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Laurie and I are very much enjoying watching The Lord of the Rings and the Hobbit series for a second time. Besides the adventurous, imaginative beauty of the films, what I enjoy most is the theological leanings presented. I’m sure people have authored books about the theology of Tolkien’s great work and this article will be very brief in comparison.

Three aspects of God’s kingdom and character in the films are thrilling to me.

First is the presentation of His sovereignty. Gandalf seems to represent a sovereign God. The most obvious example concerning this sovereignty is how, in the first Hobbit movie, he brought the dwarves into Bilbo’s quiet home despite Bilbo’s strong objection of wanting to do so. Despite this refusal, Gandalf proceeded to put a symbol on Bilbo’s door, and thus, on the dwarves came, pushing themselves into Bilbo’s house, taking over, and eating all his food. As an aside, this is a challenging commentary on our attachment to our comfort when the Lord is calling us to a task. I will admit that this scene made me uncomfortable. It is good, though. We need to be challenged. Another example of God’s sovereignty is Gandalf’s use of extraordinary power. He doesn’t use it often, and this speaks to us of God’s ability to rescue us, but at other times does not, despite our cries for assistance. God is sovereign and does what He pleases in His great wisdom and love. However, Gandalf’s sovereignty is imperfect. For example, when Gandalf utters the strong line, “You shall not pass,” the fiery demon Balrog falls into the abyss but whips Gandalf’s foot, taking him down, as well. This would not happen to the Lord God Almighty.

“I form light and create darkness; I make well-being and create calamity; I am the LORD, who does all these things” (Isaiah 45:7).1

The second theological aspect is Tolkien’s choice to use small Hobbits to be central in this world-saving adventure. All the way through the Old and New Testaments the Lord in His great wisdom chooses the unknown, weak, and lowly, those whom the world considers insignificant to accomplish His will. He ignores the great and influential so He will be glorified, not man. This is upside down in comparison to the way world attempts to accomplish things.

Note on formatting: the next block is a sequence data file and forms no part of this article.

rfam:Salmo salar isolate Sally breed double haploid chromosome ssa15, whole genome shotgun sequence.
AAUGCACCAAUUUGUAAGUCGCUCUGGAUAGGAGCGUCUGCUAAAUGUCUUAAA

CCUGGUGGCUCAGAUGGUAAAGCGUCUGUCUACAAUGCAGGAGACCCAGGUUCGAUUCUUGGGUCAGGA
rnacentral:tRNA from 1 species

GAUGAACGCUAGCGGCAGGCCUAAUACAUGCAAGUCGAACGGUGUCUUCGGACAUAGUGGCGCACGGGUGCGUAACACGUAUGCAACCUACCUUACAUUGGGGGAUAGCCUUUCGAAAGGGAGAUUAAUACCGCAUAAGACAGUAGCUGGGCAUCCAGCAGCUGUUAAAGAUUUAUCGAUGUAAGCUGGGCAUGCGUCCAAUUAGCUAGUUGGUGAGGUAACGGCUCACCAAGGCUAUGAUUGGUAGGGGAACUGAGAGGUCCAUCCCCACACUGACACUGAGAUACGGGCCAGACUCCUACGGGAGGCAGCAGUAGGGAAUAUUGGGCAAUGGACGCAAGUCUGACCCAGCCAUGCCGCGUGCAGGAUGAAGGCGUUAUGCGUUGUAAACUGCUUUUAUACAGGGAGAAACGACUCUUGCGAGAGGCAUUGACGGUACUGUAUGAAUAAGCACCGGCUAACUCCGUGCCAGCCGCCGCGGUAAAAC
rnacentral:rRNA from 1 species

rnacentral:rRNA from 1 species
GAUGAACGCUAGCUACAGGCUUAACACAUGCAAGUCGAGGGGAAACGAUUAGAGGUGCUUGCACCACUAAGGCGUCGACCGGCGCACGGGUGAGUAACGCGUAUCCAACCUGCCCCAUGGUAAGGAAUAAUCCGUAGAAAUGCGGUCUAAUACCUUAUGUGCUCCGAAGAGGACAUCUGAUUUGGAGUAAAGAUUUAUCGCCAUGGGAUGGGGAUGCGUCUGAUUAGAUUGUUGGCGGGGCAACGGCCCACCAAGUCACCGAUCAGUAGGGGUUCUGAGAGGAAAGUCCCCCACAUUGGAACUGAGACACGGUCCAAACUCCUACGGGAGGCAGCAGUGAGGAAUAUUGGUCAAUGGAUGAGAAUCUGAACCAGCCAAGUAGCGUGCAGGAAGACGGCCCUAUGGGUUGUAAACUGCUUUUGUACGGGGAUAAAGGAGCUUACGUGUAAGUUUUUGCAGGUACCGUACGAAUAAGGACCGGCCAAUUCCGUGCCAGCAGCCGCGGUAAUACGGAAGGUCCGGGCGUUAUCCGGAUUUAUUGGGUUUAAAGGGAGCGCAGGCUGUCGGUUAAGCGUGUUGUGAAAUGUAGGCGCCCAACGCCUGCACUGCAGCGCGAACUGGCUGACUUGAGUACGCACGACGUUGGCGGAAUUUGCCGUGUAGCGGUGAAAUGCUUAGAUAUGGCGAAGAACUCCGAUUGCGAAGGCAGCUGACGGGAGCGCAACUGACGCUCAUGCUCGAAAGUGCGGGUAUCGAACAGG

Third is the strong emphasis on the tremendous, unrelenting power of evil to spiritually inflict death upon us. Several kinds of murderous beasties appear that our heroes must battle. These creatures represent Satan’s fallen angels or demons, all of them hideous. I think we are all familiar with the activity of demons in Jesus’ ministry and what demons had done to a wretched man who lived among the tombs (Mark 5:1-13).

Few were able to withstand the sinful temptation of the ring of power, which represents the power of Satan, the god of this world. Our hearts are evil, as well.

“For out of the heart come evil thoughts, murder, adultery, sexual immorality, theft, false witness, slander” (Matthew 15:19).

We see the effect of wholly giving oneself over to sin in the character of Gollum. He lives a terribly dark and miserable life and, in the end, dies falling into the fire of hell: the deadly price that is paid for a life of sin.

“For the wages of sin is death, but the free gift of God is eternal life in Christ Jesus our Lord” (Romans 6:23).

That death not only occurs during one’s life but throughout eternity.

There is much to be gained through watching these films. May the Lord continue to deepen our knowledge of Him.

1All Scripture quotations are from The Holy Bible: English Standard Version (2016). Crossway Bibles.

Gif courtesy Bing images

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